At the time of Emirates’ initial involvement with Portsmouth, Sir Tim Clark, President of Emirates airline, said: “Emirates is proud to expand its commitment to the United Kingdom, which we service with over 130 weekly flights, by bringing world-class sailing boats to the shores of the UK and giving Portsmouth City the chance to host and show its visitors the most sensational event in the sailing calendar.”
Now, if this was strictly a commercial decision – with sailing issues aside – you’d have to concede that the contribution of wealthy travellers next year to the revival of the UK/European airline markets post Covid, would be of more commercial advantage to Emirates than waiting around to help fund yet another qualifying regatta in 2023, and with a final in distant Auckland a year later. And if New Zealand happens to lose the Cup at the Isle of Wight, so much the better for the airline. In that scenario, Emirates’ cup would be running over. In a sense though, it has been Emirates America’s Cup for quite a while now.
Reputational risks, human rights etc.
Should we be proud – or should we be ashamed? – that our ground breaking boat building technology and sailing excellence carry a named association with the airline and regime of the ruler of Dubai? No doubt, Sheikh Mohammed bin Rashid Al Maktoum is a remarkable person. Of late though, he has been notoriously associated with the kidnapping, drugging, imprisonment and torture of two of his daughters.
Princess Shamsa was snatched by the Sheik’s agents in Cambridge in 2000 and returned to Dubai where she has been held captive – if she is still alive – for the past 20 years. In 2018, Princess Latifa tried to escape from her father, but while the boast ferrying her to freedom was in international waters it was boarded by Indian special forces, who forcibly returned her to Dubai. Subsequently Latifa has managed to smuggle out some smart phone video messages that told the world that she is being held in solitary confinement without access to daylight, legal help or medical care. Ominously, those messages dried up several months ago. Latifa’s video appeals are hard to watch.
In 2019, the Sheikh sixth wife Princess Haya – reportedly fearing for her life – managed to escape to Europe with her two children. Sheikh Mohammed launched court proceedings to force her and her children back to Dubai. However, the UK High Court ruled in favour of Haya.
The High Court in the UK…. Finds that on the balance of probabilities, Sheikh Mohammed was responsible for the abduction and forced return of both Shamsa and Latifa to Dubai. The judge rules that the sheikh has waged a campaign of intimidation towards Haya and that he has not been open and honest with the court.
Princess Haya now lives in fear of her and her children being kidnapped, or worse. As well as these grim realities, keep in mind that the Emirates airline is the flag carrier of the sheikdoms that comprise the United Arab Emirates. For the last five years, the UAE has – along with Saudi Arabia – been intervening in the horrendous civil war in Yemen. Both the UAE and the forces that it bankrolls have been accused of carrying out major atrocities against Yemen’s civilian population.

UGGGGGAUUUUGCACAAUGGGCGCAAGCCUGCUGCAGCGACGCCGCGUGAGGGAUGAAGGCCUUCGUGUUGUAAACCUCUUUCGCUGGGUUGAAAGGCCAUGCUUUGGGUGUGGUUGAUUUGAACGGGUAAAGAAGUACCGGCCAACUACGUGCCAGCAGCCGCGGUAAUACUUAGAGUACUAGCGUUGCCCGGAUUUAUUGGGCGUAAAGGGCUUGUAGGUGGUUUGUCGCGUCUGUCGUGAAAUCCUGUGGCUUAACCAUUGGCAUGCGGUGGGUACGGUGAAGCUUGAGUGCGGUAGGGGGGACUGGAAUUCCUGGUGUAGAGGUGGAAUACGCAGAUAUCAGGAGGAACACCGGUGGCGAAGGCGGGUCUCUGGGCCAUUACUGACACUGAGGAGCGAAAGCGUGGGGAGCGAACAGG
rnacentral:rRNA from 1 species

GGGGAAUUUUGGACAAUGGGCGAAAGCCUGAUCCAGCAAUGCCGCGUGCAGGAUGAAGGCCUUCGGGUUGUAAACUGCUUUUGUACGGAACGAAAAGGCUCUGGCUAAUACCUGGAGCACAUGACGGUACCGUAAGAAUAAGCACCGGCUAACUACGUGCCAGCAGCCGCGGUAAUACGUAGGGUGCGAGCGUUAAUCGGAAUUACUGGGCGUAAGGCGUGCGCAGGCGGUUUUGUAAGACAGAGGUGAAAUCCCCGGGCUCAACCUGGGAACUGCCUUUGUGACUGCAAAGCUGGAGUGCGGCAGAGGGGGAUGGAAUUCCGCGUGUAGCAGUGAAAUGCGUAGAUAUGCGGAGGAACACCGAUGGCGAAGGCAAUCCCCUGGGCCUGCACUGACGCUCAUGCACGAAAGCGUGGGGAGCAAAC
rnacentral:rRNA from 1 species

Obviously, no- one is accusing America’s Cup yachting of complicity in war crimes. Yet all of the above makes it deeply regrettable that every time that our America’s Cup yachties get mentioned in the media, it means that Team New Zealand – sorry Emirates Team New Zealand – has to provide a commercially valuable namecheck to an enterprise created, owned and operated by one of the least savoury regimes in the Middle East.
Point being, our sailor are being kept in the manner accustomed partly by these dodgy offshore benefactors, and – as taxpayers and ratepayers – we are now complicit in these arrangements. Next time…could our government at least make our investment in the America’s Cup conditional on Princess Latifa being allowed out to see the light of day, if only to prove that she is still alive?
Footnote One: You’d think the infusion of millions of NZ taxpayer dollars would make sense only if the event is held here to enable local businesses to benefit from the investment, and to allow local fans to enjoy the spectacle. Our Covid- wracked hospitality firms surely deserve no less. Luna Rossa’s reportedly “shocked” helmsman Jimmy Spithill certainly thought so :
I mean, you look at the amount of time and money that the average taxpayer and Kiwi has put into this team, I would have thought it would be an absolute no-brainer to hold the America’s Cup here,” Spithill said.
Right. Yet apparently, the contracts have been written so loosely that the Royal New Zealand Yacht Club Cup holders have been left free to entertain the possibility of a “radical one off” contest in foreign waters next year. Risky? Weird, more like.